Investigation of Nitrogen Oxides Emissions from a Major Roadway

In this research project, the authors (1) built a mobile nitrogen oxide (NO) and nitrogen dioxide (NO2) measurement unit with the associated weather monitoring instrumentation; (2) obtained coordinated measurements of NO and NO2 concentrations and meteorological conditions at varying distances from the roadway, together with the traffic volume data; (3) used CALINE4 to estimate the NO2 concentrations at receptors located at the measurement points; and (4) analyzed the data obtained to elucidate the adequacy of CALINE4 in predicting the local NO2 concentrations near roadways. Measurements showed that nitrogen oxides (NOx) concentration decreases rapidly with the distance from the roadway and drops from 25.4 ppb to a value around 8.3 ppb, which remains fairly constant for distances greater than about 150 m from the I-64 median. The reason for this decrease is atmospheric dispersion and conversion of NOx to other nitrogen containing compounds. Close tothe roadway (less than about 100 m from the I-64 median), the majority of NOx is NO, which converts to NO2 and other nitrogen compounds and falls from 17.3 to a value about 3.4 ppb at distances greater than 150 m from the median. The decrease in NO2 concentration is not as much and falls from about 12 ppb at 74 m to about 5.5 ppb beyond 150 m. This may be due to the conversion of some NO to NO2 possibly through its reaction with ozone. Close to the roadway, there was significant variation in the measured NO and NOx concentrations due to the effects of emissions coming from individual vehicles passing close to the analyzer intake. This effect became less significant at larger distances from the roadway. The NO2 concentrations at the receptor locations were predicted using CALINE4, which can provide estimates with a sensitivity of ± 5 ppb. Since the measured NO2 concentrations were between 5 and 15 ppb, CALINE4 was expected to predict 0.010 ppm NO2 at each receptor location. As expected, the predicted NO2 concentrations at receptors beyond 100 m of the I-64 median were 0.01 ppm. CALINE4 also correctly predicted 0.01 ppm NO2 at the first receptor location, which had a measured value of 0.012 ppm. These observations indicate that the current data cannot provide an adequate evaluation of the CALINE4 program. To obtain a reasonable evaluation, data are needed during the rush hour traffic and closer to the roadway, which are expected to give higher NO2 concentrations.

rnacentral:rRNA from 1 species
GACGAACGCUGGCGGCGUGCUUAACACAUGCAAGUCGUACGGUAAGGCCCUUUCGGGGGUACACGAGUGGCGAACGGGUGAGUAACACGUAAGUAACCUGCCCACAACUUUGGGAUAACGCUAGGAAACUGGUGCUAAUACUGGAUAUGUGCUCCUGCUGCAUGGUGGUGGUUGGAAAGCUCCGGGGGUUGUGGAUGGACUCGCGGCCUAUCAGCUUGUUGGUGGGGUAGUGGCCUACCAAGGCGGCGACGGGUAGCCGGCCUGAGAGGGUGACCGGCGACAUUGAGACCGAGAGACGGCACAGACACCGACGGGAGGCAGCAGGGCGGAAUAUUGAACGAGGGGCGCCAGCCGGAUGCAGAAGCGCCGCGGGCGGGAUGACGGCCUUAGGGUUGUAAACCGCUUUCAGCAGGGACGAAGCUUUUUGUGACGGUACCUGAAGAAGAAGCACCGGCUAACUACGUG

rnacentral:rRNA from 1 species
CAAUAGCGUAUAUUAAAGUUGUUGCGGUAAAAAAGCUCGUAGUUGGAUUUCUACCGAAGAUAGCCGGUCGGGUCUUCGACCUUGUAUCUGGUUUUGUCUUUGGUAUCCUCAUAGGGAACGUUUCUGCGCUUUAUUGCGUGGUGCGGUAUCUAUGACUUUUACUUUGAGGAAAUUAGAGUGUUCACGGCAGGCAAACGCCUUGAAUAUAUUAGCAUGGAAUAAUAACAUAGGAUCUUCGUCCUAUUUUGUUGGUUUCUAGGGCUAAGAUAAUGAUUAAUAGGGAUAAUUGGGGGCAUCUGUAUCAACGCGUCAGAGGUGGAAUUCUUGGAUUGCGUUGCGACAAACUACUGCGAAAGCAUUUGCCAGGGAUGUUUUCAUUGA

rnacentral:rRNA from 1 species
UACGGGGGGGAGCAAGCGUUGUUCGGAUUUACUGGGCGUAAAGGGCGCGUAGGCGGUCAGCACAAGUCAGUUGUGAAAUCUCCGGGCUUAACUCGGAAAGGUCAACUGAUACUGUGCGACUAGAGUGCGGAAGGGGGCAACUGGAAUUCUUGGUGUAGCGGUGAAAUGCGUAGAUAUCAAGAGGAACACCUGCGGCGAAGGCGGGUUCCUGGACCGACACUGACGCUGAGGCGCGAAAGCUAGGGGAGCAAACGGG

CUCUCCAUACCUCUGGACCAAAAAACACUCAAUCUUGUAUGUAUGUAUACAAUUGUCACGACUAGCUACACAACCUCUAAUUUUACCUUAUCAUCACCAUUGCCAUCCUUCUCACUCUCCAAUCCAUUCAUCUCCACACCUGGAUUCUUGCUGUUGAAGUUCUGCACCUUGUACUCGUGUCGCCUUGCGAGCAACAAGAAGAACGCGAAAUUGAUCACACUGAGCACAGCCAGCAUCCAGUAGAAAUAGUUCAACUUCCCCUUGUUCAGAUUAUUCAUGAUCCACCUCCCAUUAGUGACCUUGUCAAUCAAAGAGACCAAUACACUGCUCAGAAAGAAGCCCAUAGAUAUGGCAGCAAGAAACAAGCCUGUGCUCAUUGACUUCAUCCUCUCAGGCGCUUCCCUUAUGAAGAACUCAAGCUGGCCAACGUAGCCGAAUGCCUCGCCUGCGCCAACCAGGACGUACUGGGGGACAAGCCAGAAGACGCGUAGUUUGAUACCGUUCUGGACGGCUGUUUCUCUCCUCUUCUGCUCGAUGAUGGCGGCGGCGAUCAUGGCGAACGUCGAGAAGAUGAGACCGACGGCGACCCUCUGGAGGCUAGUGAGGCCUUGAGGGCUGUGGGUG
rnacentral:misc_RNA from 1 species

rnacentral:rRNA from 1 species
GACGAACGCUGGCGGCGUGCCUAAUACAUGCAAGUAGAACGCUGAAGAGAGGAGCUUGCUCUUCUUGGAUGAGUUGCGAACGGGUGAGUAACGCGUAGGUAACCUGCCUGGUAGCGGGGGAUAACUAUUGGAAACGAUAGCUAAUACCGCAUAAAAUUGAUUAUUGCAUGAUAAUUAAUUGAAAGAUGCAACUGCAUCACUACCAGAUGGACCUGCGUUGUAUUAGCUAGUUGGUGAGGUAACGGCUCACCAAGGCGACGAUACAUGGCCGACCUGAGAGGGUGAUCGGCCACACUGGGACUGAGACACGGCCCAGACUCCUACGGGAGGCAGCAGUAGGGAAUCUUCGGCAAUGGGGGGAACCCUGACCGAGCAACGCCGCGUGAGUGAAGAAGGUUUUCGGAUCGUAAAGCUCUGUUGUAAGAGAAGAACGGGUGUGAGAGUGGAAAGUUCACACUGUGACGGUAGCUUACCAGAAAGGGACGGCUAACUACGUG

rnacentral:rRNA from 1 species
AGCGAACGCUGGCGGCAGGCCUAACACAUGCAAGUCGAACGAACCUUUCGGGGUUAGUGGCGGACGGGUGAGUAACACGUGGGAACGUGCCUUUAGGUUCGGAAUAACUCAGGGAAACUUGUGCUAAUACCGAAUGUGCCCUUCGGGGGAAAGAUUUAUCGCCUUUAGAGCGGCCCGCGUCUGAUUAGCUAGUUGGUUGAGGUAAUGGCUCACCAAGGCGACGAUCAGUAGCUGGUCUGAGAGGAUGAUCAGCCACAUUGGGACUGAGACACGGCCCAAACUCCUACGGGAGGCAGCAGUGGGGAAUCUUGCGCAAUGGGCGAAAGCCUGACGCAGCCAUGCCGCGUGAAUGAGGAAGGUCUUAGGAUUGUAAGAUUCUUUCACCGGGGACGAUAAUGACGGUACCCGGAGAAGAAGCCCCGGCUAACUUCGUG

• English

Media Info

  • Media Type: Print
  • Edition: Final Report
  • Features: Appendices; Figures; References; Tables;
  • Pagination: 55p

Subject/Index Terms

Filing Info

  • Accession Number: 01154222
  • Record Type: Publication
  • Files: UTC, NTL, TRIS, USDOT
  • Created Date: Apr 12 2010 3:10PM